Coming to a theater near you!

Women’s golf: Liu leads Tribe to third at CAA Championships

Written by

|

April 19, 2016

12:03 AM

William and Mary finished its season this weekend in third place in team standings with a 74-over 938 at the three-day Colonial Athletic Association Championships at St. James Plantation in Southport, N.C. The Tribe had its first silver medalist in senior Alessandra Liu, who took second with a four-over 220.

After Friday’s opening round, the College held third place at 313 (+25), and North Carolina-Wilmington, the pre-tournament favorite, led the pack at 307 (+19). Liu held third place after one round at four-over 76. The other four members of the Tribe held spots in the top 25. Following Liu, freshman Elizabeth Choi and sophomore Katie Edelblut sat tied with each other at eighth at 78 (+6). Senior Tina Chang held 17th with a nine-over 81, while junior Mia Zanghetti rounded out the team in 21st with a 10-over 82. UNC-Wilmington’s Meghan Theiss led the field at one-under 71 entering the second round.

Saturday morning set the College back to fifth place in the field of eight, holding a 53-over 629, just eight strokes behind new leader Delaware. Liu improved her standing to a tie for the lead after shooting par for round two for a two-day total of 148 (+4). Theiss fell out of the top five, the tie with Liu coming from the Blue Hens’ Andrea Slane. Edelblut dropped to 13th at 160 (+16), Zanghetti moved up to 18th one stroke behind at 161 (+17), while Choi sat at 25th at 163 (+19) and Chang was in 27th at 164 (+20).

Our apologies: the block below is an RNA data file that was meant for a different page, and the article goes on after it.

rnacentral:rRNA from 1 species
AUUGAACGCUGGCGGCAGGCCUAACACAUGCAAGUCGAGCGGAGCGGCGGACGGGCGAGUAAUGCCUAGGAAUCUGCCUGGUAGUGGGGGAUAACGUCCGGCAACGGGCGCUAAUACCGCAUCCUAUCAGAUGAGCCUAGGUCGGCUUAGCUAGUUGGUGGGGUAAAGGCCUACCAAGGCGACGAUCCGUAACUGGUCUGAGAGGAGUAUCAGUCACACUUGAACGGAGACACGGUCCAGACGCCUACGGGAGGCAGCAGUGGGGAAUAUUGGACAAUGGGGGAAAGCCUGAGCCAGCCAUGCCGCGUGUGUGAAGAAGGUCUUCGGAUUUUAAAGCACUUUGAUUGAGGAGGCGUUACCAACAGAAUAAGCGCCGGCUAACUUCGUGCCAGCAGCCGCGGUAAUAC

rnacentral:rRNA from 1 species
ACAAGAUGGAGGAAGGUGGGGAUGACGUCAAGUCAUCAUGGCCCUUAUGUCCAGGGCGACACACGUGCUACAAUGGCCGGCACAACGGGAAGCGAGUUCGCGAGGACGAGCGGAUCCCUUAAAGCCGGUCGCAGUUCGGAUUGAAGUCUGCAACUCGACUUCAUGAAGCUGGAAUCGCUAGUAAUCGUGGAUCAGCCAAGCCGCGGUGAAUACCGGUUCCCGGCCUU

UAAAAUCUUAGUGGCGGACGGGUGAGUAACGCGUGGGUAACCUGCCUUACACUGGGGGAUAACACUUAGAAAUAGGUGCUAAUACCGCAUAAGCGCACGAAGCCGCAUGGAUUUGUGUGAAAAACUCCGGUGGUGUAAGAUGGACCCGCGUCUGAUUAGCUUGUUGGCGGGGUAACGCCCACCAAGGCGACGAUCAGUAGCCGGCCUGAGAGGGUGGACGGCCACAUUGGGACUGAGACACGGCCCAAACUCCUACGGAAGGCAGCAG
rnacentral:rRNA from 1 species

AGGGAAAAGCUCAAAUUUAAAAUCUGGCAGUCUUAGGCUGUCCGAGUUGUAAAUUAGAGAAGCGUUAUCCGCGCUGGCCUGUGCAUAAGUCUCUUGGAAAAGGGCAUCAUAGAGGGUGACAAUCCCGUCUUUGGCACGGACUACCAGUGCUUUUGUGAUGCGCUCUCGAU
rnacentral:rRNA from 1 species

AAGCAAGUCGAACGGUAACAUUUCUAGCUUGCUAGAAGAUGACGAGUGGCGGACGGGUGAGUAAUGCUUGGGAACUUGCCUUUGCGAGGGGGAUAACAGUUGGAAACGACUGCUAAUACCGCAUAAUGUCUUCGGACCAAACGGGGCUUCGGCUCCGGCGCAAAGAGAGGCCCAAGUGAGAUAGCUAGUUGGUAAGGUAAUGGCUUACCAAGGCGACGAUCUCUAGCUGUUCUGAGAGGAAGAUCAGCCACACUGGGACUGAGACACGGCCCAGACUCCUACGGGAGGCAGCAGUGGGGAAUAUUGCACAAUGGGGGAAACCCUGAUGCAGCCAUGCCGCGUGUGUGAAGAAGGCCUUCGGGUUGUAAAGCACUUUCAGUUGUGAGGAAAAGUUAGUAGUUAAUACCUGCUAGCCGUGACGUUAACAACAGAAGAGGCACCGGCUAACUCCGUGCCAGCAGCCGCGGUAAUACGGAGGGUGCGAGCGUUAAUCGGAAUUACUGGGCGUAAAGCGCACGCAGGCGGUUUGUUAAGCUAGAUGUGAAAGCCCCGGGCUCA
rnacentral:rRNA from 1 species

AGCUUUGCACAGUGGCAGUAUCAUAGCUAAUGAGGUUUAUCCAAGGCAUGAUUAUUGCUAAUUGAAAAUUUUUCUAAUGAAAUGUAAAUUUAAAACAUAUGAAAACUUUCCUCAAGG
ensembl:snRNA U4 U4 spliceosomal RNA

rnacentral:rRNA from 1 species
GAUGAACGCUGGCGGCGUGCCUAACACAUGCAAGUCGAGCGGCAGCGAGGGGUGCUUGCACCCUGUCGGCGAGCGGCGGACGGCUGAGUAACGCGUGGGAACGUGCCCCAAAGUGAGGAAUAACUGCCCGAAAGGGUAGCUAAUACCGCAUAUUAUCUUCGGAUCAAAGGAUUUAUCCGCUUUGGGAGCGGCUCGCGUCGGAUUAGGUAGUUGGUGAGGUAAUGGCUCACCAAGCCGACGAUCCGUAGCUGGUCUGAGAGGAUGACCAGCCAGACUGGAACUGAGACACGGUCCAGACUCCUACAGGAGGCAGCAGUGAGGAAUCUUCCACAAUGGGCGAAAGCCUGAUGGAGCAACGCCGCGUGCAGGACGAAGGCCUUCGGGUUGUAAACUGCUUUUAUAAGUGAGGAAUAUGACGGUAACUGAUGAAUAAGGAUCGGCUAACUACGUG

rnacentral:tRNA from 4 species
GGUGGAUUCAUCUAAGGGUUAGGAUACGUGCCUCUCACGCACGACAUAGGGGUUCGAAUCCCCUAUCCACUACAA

Liu set the College’s program record for highest finish in the CAA Championships and broke the record for best score in the event by six strokes.

The final round Sunday proved the deciding factor for the tournament, the College making history through Liu’s third round performance. She shot par again to finish in second place at 220 (+4), Slane taking the gold medal by just two strokes. Liu set the College’s program record for highest finish in the CAA Championships and broke the record for best score in the event by six strokes. Barring a postseason berth, she finishes her career as one of the most decorated golfers in Tribe history.

Zanghetti moved up to ninth with a 20-over 236, followed by Edelblut with a 25-over 241 in 17th, Choi in 24th at 244 (+28), and Chang in 31st at 250 (+34). The final round moved the College back to third at 938 (+74), 11 strokes behind CAA Champion Delaware and three strokes behind runner-up Charleston.

This wraps up the College’s season, unless the team receives an at-large bid in the April 25 NCAA selection announcement for the national championship tournament, which takes place May 5-7.

Share This Article

Related News

Commentary: In support of student-athletes’ national anthem protest
Commentary: Calling out Cluley’s flaws
Field Hockey: Tribe falls 3-2 at home to Liberty

About Author

Nick Cipolla

Sports Editor Nick Cipolla '17 is a neuroscience major from Virginia Beach, Va. He was previously Associate Sports Editor.

  • Brandon Beejay